Be embraced, you millions
Otto Klemperer, the famed German conductor yet forgotten composer, who was a protégé of Gustav Mahler, fled from the Nazis in 1933. Settling in California, he became the music director of the Los Angeles Philharmonic. This was not a marriage made in heaven. Klemperer was diagnosed with a brain tumor and operated on which left him partially paralyzed in 1939 and he lost the post of music director. In 1952, during the Second Red Scare, the United States refused to renew his passport and he returned to Europe. In 1957, now over 72 years old, he made a record for EMI with the New Philharmonia Orchestra of Beethoven’s Symphony No. 9 at Kingsway Hall, London. The record lasts for 72 minutes.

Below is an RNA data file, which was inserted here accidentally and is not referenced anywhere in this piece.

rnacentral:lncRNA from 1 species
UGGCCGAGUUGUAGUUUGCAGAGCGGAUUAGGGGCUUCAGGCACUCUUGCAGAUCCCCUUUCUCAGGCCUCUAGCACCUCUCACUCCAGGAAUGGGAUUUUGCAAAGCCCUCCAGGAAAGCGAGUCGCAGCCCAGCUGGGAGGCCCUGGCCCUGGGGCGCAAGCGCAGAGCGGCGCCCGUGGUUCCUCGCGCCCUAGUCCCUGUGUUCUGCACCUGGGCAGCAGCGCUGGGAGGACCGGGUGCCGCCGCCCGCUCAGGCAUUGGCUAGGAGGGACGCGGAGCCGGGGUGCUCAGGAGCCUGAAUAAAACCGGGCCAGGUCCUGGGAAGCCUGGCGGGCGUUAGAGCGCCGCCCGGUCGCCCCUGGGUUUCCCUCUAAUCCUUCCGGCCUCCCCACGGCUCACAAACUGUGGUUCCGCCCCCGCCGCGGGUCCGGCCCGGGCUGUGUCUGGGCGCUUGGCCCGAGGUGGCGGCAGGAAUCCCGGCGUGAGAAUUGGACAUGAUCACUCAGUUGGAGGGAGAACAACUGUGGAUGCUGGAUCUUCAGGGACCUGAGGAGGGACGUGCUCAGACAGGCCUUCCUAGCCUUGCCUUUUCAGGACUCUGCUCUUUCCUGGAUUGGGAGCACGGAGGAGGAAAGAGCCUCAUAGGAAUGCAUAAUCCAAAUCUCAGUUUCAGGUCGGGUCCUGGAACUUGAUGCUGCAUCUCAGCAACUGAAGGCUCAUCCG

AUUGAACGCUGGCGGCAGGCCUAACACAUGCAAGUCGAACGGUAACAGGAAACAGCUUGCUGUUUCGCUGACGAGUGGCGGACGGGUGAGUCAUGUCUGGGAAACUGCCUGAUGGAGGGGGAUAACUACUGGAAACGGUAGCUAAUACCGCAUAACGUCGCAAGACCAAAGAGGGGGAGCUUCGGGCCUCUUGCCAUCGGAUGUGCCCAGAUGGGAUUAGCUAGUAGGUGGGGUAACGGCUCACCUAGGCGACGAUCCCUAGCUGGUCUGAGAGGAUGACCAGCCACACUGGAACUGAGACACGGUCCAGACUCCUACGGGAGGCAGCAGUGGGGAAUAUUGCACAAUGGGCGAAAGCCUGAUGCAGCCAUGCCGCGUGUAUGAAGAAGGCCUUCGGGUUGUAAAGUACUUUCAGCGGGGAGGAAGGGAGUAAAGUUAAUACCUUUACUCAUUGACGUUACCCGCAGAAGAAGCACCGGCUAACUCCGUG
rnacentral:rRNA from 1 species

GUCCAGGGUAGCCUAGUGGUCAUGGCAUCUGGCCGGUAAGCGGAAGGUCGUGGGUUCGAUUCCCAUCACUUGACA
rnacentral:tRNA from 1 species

The album Beethoven No.9 is composed and computed from this record, containing my opus 553 through 556.
In the Google compute engine each movement of Klemperer`s EMI recording was shattered randomly into 1,000,000 event bits. Then, these were re-assembled to take up 1 hour according to a uniform random distribution. Each event bits` length is between 4 milliseconds and 2.4 seconds long according to a triangular random distribution but each event bit also has a random stereo panning envelope and a random loudness envelope in the 60dB range, making some bits barley audible. Thusly encrypted, each movement now contains an average of 270 orchestral events bits per second. The 1 hour movements were then cut to match the exact lengths of the Otto Klemperer EMI recording.
Beethoven No.9 is a highly detailed, multi-million process, cryptographic sound ocean from Beethoven's Symphony No. 9.
|Visual Artist:||Carl Röchling|
Google Compute Engine
|File Under:||computer music|
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